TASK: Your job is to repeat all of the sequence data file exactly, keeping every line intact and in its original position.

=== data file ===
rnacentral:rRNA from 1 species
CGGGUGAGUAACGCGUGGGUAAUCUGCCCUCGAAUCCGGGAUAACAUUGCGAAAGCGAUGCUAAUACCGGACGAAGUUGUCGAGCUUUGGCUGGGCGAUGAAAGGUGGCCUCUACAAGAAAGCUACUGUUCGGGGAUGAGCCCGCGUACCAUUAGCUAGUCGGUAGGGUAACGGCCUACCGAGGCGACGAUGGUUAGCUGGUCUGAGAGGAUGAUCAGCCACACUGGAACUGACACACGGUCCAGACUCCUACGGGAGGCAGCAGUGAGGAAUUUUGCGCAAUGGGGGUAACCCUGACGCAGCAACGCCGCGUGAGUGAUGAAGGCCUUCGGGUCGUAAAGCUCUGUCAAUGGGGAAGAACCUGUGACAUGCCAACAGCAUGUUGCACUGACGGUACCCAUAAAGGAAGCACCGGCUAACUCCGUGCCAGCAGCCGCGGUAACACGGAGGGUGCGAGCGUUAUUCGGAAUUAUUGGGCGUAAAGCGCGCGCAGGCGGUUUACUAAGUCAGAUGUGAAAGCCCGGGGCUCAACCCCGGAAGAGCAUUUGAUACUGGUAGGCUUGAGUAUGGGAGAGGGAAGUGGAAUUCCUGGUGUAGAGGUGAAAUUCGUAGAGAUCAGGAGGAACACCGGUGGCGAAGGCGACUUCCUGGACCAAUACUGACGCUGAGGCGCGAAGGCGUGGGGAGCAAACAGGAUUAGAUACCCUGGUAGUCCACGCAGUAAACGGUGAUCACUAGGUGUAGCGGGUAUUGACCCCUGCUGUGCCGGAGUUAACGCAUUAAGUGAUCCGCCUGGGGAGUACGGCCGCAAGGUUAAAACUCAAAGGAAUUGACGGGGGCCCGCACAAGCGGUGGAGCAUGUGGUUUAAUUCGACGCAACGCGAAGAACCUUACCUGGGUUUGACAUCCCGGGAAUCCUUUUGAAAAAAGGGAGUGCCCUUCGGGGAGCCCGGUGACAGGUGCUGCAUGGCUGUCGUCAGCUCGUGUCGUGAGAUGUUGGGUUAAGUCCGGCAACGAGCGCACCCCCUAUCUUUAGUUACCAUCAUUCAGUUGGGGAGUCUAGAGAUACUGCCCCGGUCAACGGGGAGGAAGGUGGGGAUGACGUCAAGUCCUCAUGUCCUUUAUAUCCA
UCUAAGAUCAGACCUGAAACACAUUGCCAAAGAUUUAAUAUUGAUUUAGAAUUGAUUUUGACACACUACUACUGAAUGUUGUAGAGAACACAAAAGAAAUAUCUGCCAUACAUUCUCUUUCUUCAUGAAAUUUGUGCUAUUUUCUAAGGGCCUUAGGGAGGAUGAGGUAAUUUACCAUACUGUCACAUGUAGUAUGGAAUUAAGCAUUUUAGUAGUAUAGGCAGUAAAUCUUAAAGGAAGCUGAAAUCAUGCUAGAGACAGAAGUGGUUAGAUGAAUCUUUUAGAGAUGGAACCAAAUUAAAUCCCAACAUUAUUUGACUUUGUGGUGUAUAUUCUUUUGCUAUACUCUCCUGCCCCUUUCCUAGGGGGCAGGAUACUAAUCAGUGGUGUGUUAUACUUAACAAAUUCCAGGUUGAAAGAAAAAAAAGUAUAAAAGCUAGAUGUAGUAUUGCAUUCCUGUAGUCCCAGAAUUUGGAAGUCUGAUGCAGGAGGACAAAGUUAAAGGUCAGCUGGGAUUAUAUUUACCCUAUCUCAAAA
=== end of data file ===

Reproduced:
rnacentral:rRNA from 1 species
CGGGUGAGUAACGCGUGGGUAAUCUGCCCUCGAAUCCGGGAUAACAUUGCGAAAGCGAUGCUAAUACCGGACGAAGUUGUCGAGCUUUGGCUGGGCGAUGAAAGGUGGCCUCUACAAGAAAGCUACUGUUCGGGGAUGAGCCCGCGUACCAUUAGCUAGUCGGUAGGGUAACGGCCUACCGAGGCGACGAUGGUUAGCUGGUCUGAGAGGAUGAUCAGCCACACUGGAACUGACACACGGUCCAGACUCCUACGGGAGGCAGCAGUGAGGAAUUUUGCGCAAUGGGGGUAACCCUGACGCAGCAACGCCGCGUGAGUGAUGAAGGCCUUCGGGUCGUAAAGCUCUGUCAAUGGGGAAGAACCUGUGACAUGCCAACAGCAUGUUGCACUGACGGUACCCAUAAAGGAAGCACCGGCUAACUCCGUGCCAGCAGCCGCGGUAACACGGAGGGUGCGAGCGUUAUUCGGAAUUAUUGGGCGUAAAGCGCGCGCAGGCGGUUUACUAAGUCAGAUGUGAAAGCCCGGGGCUCAACCCCGGAAGAGCAUUUGAUACUGGUAGGCUUGAGUAUGGGAGAGGGAAGUGGAAUUCCUGGUGUAGAGGUGAAAUUCGUAGAGAUCAGGAGGAACACCGGUGGCGAAGGCGACUUCCUGGACCAAUACUGACGCUGAGGCGCGAAGGCGUGGGGAGCAAACAGGAUUAGAUACCCUGGUAGUCCACGCAGUAAACGGUGAUCACUAGGUGUAGCGGGUAUUGACCCCUGCUGUGCCGGAGUUAACGCAUUAAGUGAUCCGCCUGGGGAGUACGGCCGCAAGGUUAAAACUCAAAGGAAUUGACGGGGGCCCGCACAAGCGGUGGAGCAUGUGGUUUAAUUCGACGCAACGCGAAGAACCUUACCUGGGUUUGACAUCCCGGGAAUCCUUUUGAAAAAAGGGAGUGCCCUUCGGGGAGCCCGGUGACAGGUGCUGCAUGGCUGUCGUCAGCUCGUGUCGUGAGAUGUUGGGUUAAGUCCGGCAACGAGCGCACCCCCUAUCUUUAGUUACCAUCAUUCAGUUGGGGAGUCUAGAGAUACUGCCCCGGUCAACGGGGAGGAAGGUGGGGAUGACGUCAAGUCCUCAUGUCCUUUAUAUCCA
UCUAAGAUCAGACCUGAAACACAUUGCCAAAGAUUUAAUAUUGAUUUAGAAUUGAUUUUGACACACUACUACUGAAUGUUGUAGAGAACACAAAAGAAAUAUCUGCCAUACAUUCUCUUUCUUCAUGAAAUUUGUGCUAUUUUCUAAGGGCCUUAGGGAGGAUGAGGUAAUUUACCAUACUGUCACAUGUAGUAUGGAAUUAAGCAUUUUAGUAGUAUAGGCAGUAAAUCUUAAAGGAAGCUGAAAUCAUGCUAGAGACAGAAGUGGUUAGAUGAAUCUUUUAGAGAUGGAACCAAAUUAAAUCCCAACAUUAUUUGACUUUGUGGUGUAUAUUCUUUUGCUAUACUCUCCUGCCCCUUUCCUAGGGGGCAGGAUACUAAUCAGUGGUGUGUUAUACUUAACAAAUUCCAGGUUGAAAGAAAAAAAAGUAUAAAAGCUAGAUGUAGUAUUGCAUUCCUGUAGUCCCAGAAUUUGGAAGUCUGAUGCAGGAGGACAAAGUUAAAGGUCAGCUGGGAUUAUAUUUACCCUAUCUCAAAA